Rhodiola rosea (Arctic root, Rose root)

Rhodiola is an adaptogen that raises serotonin and dopamine levels. It improves transport of tryptophan and 5HTP, which the body uses to make serotonin, into the brain and also acts as an MAO inhibitor. MAO inhibitors inhibit the breakdown of serotonin and dopamine. Studies have shown that rhodiola can increase serotonin levels in the brain by up to 30%. This means that it has an antidepressant action, lifting mood and reducing fatigue. It can also improve cognitive (mental) function, attention span, memory and alertness. It may help with post-viral recovery. Those who take antidepressants or antipsychotics should seek medical advice before taking rhodiola as they may interact dangerously. Along with eleutherococcus, it has been extensively studied by the Russians in their search for adaptogens to improve performance and endurance, both physical and mental. Rhodiola increases muscle energy both during and after exercise and so improves recovery time. I think of rhodiola as a slightly stimulating antidepressant whereas hypericum (St John’s Wort) is more of a relaxing antidepressant, so a good routine might be to take rhodiola in the morning and hypericum in the evening.


A Simple Guide to Remedies for the Menopause

The menopause is a time when the ovaries have stopped releasing eggs and reduced their production of oestrogen, and periods have stopped completely. During the peri-menopause the periods gradually stop and there is a time of adjustment to the new hormone levels. People often refer to this time as the menopause, so although technically speaking it is the perimenopause, I will refer to it as the menopause here. Women may experience hot flushes, night sweats, irregular and sometimes very heavy periods (flooding). Some women also experience fatigue and low mood as oestrogen affects the production of serotonin, a “feel good” chemical in the brain.


Sage is used specifically for treating hot flushes and night sweats as it acts upon the temperature regulating mechanism in the brain. It is not a hormonal remedy so it can be safely taken alongside hormonal treatment or by those who are advised not to use hormonal treatment due to a family history of breast cancer.  In my experience it is an effective remedy with no side effects. Gradually, over a number of weeks the frequency of hot flushes and sweats should reduce significantly and, once this has built up, the effect lasts for a while if the treatment is stopped.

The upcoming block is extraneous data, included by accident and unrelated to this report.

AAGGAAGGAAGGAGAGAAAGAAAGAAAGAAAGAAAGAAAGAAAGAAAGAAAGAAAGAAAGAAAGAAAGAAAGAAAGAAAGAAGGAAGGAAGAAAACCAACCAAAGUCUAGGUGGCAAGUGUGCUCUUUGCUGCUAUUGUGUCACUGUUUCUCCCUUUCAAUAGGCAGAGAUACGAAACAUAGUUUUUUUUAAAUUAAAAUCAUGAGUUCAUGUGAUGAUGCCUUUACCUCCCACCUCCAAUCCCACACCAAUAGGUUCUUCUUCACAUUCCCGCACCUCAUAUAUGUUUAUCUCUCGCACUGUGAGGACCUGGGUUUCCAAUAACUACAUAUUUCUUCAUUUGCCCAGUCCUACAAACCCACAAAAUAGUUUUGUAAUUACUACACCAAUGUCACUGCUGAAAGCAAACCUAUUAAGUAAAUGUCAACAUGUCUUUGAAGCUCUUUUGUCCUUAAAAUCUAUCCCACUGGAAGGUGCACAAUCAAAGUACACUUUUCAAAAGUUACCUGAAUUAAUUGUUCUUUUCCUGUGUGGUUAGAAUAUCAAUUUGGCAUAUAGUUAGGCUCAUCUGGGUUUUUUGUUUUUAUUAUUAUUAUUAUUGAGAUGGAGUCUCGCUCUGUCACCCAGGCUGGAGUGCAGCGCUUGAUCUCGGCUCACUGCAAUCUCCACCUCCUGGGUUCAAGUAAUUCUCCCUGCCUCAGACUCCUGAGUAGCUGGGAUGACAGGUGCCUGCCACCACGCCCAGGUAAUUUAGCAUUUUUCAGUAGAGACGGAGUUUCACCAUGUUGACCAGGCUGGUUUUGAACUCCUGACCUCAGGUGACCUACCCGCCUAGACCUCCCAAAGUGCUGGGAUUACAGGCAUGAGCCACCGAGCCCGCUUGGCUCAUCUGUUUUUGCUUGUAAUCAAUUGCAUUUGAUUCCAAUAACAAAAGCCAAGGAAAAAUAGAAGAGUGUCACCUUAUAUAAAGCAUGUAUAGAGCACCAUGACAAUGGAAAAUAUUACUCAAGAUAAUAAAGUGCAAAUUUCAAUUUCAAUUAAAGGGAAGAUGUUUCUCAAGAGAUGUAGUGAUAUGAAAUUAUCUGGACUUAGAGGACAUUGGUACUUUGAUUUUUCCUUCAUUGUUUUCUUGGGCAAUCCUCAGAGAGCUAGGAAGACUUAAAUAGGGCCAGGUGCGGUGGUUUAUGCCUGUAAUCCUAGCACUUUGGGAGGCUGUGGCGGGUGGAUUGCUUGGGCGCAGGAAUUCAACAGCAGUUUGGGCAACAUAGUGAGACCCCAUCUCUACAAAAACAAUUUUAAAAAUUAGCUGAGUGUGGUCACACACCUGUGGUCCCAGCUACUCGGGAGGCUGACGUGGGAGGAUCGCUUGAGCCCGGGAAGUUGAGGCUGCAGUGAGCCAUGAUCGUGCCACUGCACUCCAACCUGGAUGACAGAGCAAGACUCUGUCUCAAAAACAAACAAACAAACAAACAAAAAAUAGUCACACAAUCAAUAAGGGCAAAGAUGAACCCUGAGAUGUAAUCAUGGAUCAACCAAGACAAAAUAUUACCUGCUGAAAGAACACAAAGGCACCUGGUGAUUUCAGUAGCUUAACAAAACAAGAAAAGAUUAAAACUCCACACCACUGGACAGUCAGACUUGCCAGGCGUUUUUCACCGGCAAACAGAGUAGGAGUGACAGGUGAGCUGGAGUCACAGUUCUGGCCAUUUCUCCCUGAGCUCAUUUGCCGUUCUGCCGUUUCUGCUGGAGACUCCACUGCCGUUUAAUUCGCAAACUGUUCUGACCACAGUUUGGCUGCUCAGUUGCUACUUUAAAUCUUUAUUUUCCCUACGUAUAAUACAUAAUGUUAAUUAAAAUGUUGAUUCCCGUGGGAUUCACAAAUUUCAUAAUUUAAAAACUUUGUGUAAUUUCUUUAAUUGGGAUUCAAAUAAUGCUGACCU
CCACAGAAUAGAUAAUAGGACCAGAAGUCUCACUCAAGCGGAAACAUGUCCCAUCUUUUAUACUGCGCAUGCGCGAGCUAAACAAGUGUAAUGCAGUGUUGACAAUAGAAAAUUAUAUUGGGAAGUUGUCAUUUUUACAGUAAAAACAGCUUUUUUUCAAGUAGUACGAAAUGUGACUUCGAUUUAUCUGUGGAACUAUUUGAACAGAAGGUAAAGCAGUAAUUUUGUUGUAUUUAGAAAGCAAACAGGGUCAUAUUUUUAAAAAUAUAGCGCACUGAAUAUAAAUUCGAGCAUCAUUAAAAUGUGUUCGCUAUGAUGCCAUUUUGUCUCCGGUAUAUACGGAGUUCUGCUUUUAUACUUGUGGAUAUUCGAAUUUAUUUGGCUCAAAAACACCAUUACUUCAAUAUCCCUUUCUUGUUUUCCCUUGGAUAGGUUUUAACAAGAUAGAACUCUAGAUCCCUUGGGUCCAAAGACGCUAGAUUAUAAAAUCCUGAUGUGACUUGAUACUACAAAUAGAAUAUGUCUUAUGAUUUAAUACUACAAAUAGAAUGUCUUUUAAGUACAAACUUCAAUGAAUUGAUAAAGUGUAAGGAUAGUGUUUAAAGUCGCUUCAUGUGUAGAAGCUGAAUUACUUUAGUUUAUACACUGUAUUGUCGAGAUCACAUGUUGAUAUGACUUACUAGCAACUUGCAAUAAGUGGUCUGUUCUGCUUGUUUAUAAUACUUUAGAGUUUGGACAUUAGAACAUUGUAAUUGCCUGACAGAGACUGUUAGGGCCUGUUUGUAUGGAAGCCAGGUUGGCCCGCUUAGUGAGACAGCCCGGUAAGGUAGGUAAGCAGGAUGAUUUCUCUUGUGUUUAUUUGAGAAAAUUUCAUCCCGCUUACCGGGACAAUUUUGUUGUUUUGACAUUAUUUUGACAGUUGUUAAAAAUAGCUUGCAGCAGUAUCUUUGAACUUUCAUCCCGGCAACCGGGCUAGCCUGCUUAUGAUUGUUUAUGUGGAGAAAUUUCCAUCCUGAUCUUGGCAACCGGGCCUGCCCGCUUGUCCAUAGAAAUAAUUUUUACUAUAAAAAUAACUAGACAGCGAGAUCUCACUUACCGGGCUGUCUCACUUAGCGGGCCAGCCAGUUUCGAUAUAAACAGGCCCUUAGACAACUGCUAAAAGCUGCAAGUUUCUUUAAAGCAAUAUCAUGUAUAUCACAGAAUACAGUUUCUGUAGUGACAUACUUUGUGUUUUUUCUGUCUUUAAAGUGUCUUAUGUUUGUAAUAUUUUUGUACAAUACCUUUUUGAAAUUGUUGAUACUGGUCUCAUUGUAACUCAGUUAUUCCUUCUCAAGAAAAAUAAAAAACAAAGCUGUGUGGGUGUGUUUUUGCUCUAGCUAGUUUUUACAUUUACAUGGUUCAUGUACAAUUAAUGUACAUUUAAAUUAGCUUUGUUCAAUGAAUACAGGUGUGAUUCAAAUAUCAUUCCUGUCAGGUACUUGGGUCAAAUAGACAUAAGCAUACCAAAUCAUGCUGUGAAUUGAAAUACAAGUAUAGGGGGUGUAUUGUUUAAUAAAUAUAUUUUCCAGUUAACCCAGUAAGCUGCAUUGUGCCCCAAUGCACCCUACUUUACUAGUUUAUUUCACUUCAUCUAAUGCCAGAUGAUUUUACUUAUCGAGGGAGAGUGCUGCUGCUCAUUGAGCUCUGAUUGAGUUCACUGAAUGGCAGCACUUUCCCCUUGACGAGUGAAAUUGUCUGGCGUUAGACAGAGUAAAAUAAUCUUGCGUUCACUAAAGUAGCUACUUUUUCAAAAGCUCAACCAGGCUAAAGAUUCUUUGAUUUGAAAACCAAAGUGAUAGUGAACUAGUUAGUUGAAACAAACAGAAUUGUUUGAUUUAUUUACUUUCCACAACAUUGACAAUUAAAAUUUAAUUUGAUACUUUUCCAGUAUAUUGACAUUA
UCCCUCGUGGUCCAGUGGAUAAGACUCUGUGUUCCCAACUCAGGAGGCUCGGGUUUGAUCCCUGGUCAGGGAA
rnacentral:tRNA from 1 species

Magnesium supports hormone balance and can be used safely by women who are avoiding hormonal remedies due to a family history of breast cancer. It is also involved in energy production so can be helpful to reduce symptoms of fatigue. Magnesium is needed for muscle relaxation, so low levels can cause muscle cramps and restless legs.

Hormonal Herbs

There are a number of herbal remedies that contain plant oestrogens, known as phyto-oestrogens. The most popularly known include soya, red clover and black cohosh. Phyto-oestrogens are weaker than HRT or the body’s own oestrogens, so they do not have the side effects of HRT. In a woman with low oestrogen levels the phyto-oestrogen molecules are recognised by the body’s oestrogen receptors as oestrogen.  Soya in tablet form is usually sold as “soya isoflavones”. Phyto-oestrogens are not as strongly acting as HRT but they reduce any symptoms and help to ease the transition to the new hormone levels.

Agnus castus

Agnus castus is a herbal remedy that is thought to have an action similar to progesterone. It is useful for reducing symptoms of heavy periods and flooding that can occur before the periods stop.

Siberian Ginseng

Siberian ginseng is also known as eleutherococcus. It is an adaptogen, which means it helps the body adapt to stress. I’ve found it helpful for treating low energy levels, taken in the mornings.

St John’s Wort

St John’s wort is quite well known as a herbal “antidepressant”. It is used for treating low mood and anxiety as it increases levels of serotonin, which can be lowered in the menopause. It should not be taken with antidepressant drugs and it can interact with some other medications so seek medical advice if you are on any medication, including the contraceptive pill. If you are severely depressed also seek professional advice.


Rhodiola increases serotonin levels. It is useful for low mood and low energy. It also can have an aphrodisiac effect in some people. It should not be taken with antidepressant drugs.